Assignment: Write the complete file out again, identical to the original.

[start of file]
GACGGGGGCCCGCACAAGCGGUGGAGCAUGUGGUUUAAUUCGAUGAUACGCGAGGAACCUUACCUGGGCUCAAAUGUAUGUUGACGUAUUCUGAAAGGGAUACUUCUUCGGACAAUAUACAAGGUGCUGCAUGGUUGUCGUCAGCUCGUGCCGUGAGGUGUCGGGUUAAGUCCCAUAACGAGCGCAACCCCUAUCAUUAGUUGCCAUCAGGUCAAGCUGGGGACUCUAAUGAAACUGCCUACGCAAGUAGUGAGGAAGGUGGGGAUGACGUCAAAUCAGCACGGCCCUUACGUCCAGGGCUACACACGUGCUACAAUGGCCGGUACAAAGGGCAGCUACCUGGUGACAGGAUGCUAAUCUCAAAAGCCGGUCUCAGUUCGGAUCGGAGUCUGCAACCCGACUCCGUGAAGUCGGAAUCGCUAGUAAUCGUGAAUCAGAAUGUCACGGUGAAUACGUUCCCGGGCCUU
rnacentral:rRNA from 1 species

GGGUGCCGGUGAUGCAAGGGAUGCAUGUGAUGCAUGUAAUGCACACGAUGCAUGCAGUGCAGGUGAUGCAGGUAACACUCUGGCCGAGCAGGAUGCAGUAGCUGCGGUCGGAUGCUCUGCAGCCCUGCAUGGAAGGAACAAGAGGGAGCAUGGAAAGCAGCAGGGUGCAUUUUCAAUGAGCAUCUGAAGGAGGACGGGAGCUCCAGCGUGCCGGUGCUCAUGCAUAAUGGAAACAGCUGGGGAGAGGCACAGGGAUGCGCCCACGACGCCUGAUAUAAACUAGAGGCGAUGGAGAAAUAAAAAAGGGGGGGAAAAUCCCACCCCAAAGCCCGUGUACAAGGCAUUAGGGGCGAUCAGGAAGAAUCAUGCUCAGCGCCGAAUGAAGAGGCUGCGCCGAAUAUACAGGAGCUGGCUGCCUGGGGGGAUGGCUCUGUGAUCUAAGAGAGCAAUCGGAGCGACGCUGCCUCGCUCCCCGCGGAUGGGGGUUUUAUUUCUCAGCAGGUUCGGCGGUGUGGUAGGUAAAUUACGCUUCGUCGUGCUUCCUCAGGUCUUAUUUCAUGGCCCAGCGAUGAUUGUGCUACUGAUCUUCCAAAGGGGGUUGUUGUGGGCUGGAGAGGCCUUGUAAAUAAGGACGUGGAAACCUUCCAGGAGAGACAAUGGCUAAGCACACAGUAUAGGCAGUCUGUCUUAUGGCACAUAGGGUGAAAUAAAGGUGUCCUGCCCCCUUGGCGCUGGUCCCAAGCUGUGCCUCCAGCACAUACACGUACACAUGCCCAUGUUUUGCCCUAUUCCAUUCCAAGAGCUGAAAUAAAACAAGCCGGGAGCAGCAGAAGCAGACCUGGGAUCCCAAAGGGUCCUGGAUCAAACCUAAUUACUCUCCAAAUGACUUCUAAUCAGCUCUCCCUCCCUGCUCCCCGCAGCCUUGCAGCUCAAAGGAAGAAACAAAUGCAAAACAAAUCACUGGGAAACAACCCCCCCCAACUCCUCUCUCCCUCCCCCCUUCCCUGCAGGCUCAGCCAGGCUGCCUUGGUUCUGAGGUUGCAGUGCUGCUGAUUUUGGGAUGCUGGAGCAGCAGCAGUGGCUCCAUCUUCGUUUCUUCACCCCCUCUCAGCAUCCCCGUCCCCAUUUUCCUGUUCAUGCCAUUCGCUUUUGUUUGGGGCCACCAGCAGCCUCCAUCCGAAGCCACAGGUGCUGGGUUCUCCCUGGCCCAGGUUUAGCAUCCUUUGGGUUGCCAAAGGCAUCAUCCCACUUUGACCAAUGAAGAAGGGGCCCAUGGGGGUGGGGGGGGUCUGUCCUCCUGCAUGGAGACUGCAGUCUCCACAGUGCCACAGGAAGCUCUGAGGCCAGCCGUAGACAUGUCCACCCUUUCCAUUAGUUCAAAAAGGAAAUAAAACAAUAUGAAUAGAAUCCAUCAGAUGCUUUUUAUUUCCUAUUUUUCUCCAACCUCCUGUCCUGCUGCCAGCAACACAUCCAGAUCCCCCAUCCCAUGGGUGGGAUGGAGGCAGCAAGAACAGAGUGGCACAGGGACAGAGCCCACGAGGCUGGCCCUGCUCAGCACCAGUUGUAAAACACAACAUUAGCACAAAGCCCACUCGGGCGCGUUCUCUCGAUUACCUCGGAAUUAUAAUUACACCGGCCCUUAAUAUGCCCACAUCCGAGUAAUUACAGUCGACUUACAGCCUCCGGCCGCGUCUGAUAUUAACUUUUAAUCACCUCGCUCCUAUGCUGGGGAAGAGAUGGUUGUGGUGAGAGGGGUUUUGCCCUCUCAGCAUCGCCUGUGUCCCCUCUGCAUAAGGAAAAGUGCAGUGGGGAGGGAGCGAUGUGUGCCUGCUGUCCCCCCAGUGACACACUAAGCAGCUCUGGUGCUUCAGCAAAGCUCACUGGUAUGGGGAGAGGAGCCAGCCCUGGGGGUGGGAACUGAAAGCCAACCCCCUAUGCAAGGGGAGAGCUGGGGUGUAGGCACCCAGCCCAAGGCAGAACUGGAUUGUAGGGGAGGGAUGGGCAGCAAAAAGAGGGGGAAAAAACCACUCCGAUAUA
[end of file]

GACGGGGGCCCGCACAAGCGGUGGAGCAUGUGGUUUAAUUCGAUGAUACGCGAGGAACCUUACCUGGGCUCAAAUGUAUGUUGACGUAUUCUGAAAGGGAUACUUCUUCGGACAAUAUACAAGGUGCUGCAUGGUUGUCGUCAGCUCGUGCCGUGAGGUGUCGGGUUAAGUCCCAUAACGAGCGCAACCCCUAUCAUUAGUUGCCAUCAGGUCAAGCUGGGGACUCUAAUGAAACUGCCUACGCAAGUAGUGAGGAAGGUGGGGAUGACGUCAAAUCAGCACGGCCCUUACGUCCAGGGCUACACACGUGCUACAAUGGCCGGUACAAAGGGCAGCUACCUGGUGACAGGAUGCUAAUCUCAAAAGCCGGUCUCAGUUCGGAUCGGAGUCUGCAACCCGACUCCGUGAAGUCGGAAUCGCUAGUAAUCGUGAAUCAGAAUGUCACGGUGAAUACGUUCCCGGGCCUU
rnacentral:rRNA from 1 species

GGGUGCCGGUGAUGCAAGGGAUGCAUGUGAUGCAUGUAAUGCACACGAUGCAUGCAGUGCAGGUGAUGCAGGUAACACUCUGGCCGAGCAGGAUGCAGUAGCUGCGGUCGGAUGCUCUGCAGCCCUGCAUGGAAGGAACAAGAGGGAGCAUGGAAAGCAGCAGGGUGCAUUUUCAAUGAGCAUCUGAAGGAGGACGGGAGCUCCAGCGUGCCGGUGCUCAUGCAUAAUGGAAACAGCUGGGGAGAGGCACAGGGAUGCGCCCACGACGCCUGAUAUAAACUAGAGGCGAUGGAGAAAUAAAAAAGGGGGGGAAAAUCCCACCCCAAAGCCCGUGUACAAGGCAUUAGGGGCGAUCAGGAAGAAUCAUGCUCAGCGCCGAAUGAAGAGGCUGCGCCGAAUAUACAGGAGCUGGCUGCCUGGGGGGAUGGCUCUGUGAUCUAAGAGAGCAAUCGGAGCGACGCUGCCUCGCUCCCCGCGGAUGGGGGUUUUAUUUCUCAGCAGGUUCGGCGGUGUGGUAGGUAAAUUACGCUUCGUCGUGCUUCCUCAGGUCUUAUUUCAUGGCCCAGCGAUGAUUGUGCUACUGAUCUUCCAAAGGGGGUUGUUGUGGGCUGGAGAGGCCUUGUAAAUAAGGACGUGGAAACCUUCCAGGAGAGACAAUGGCUAAGCACACAGUAUAGGCAGUCUGUCUUAUGGCACAUAGGGUGAAAUAAAGGUGUCCUGCCCCCUUGGCGCUGGUCCCAAGCUGUGCCUCCAGCACAUACACGUACACAUGCCCAUGUUUUGCCCUAUUCCAUUCCAAGAGCUGAAAUAAAACAAGCCGGGAGCAGCAGAAGCAGACCUGGGAUCCCAAAGGGUCCUGGAUCAAACCUAAUUACUCUCCAAAUGACUUCUAAUCAGCUCUCCCUCCCUGCUCCCCGCAGCCUUGCAGCUCAAAGGAAGAAACAAAUGCAAAACAAAUCACUGGGAAACAACCCCCCCCAACUCCUCUCUCCCUCCCCCCUUCCCUGCAGGCUCAGCCAGGCUGCCUUGGUUCUGAGGUUGCAGUGCUGCUGAUUUUGGGAUGCUGGAGCAGCAGCAGUGGCUCCAUCUUCGUUUCUUCACCCCCUCUCAGCAUCCCCGUCCCCAUUUUCCUGUUCAUGCCAUUCGCUUUUGUUUGGGGCCACCAGCAGCCUCCAUCCGAAGCCACAGGUGCUGGGUUCUCCCUGGCCCAGGUUUAGCAUCCUUUGGGUUGCCAAAGGCAUCAUCCCACUUUGACCAAUGAAGAAGGGGCCCAUGGGGGUGGGGGGGGUCUGUCCUCCUGCAUGGAGACUGCAGUCUCCACAGUGCCACAGGAAGCUCUGAGGCCAGCCGUAGACAUGUCCACCCUUUCCAUUAGUUCAAAAAGGAAAUAAAACAAUAUGAAUAGAAUCCAUCAGAUGCUUUUUAUUUCCUAUUUUUCUCCAACCUCCUGUCCUGCUGCCAGCAACACAUCCAGAUCCCCCAUCCCAUGGGUGGGAUGGAGGCAGCAAGAACAGAGUGGCACAGGGACAGAGCCCACGAGGCUGGCCCUGCUCAGCACCAGUUGUAAAACACAACAUUAGCACAAAGCCCACUCGGGCGCGUUCUCUCGAUUACCUCGGAAUUAUAAUUACACCGGCCCUUAAUAUGCCCACAUCCGAGUAAUUACAGUCGACUUACAGCCUCCGGCCGCGUCUGAUAUUAACUUUUAAUCACCUCGCUCCUAUGCUGGGGAAGAGAUGGUUGUGGUGAGAGGGGUUUUGCCCUCUCAGCAUCGCCUGUGUCCCCUCUGCAUAAGGAAAAGUGCAGUGGGGAGGGAGCGAUGUGUGCCUGCUGUCCCCCCAGUGACACACUAAGCAGCUCUGGUGCUUCAGCAAAGCUCACUGGUAUGGGGAGAGGAGCCAGCCCUGGGGGUGGGAACUGAAAGCCAACCCCCUAUGCAAGGGGAGAGCUGGGGUGUAGGCACCCAGCCCAAGGCAGAACUGGAUUGUAGGGGAGGGAUGGGCAGCAAAAAGAGGGGGAAAAAACCACUCCGAUAUA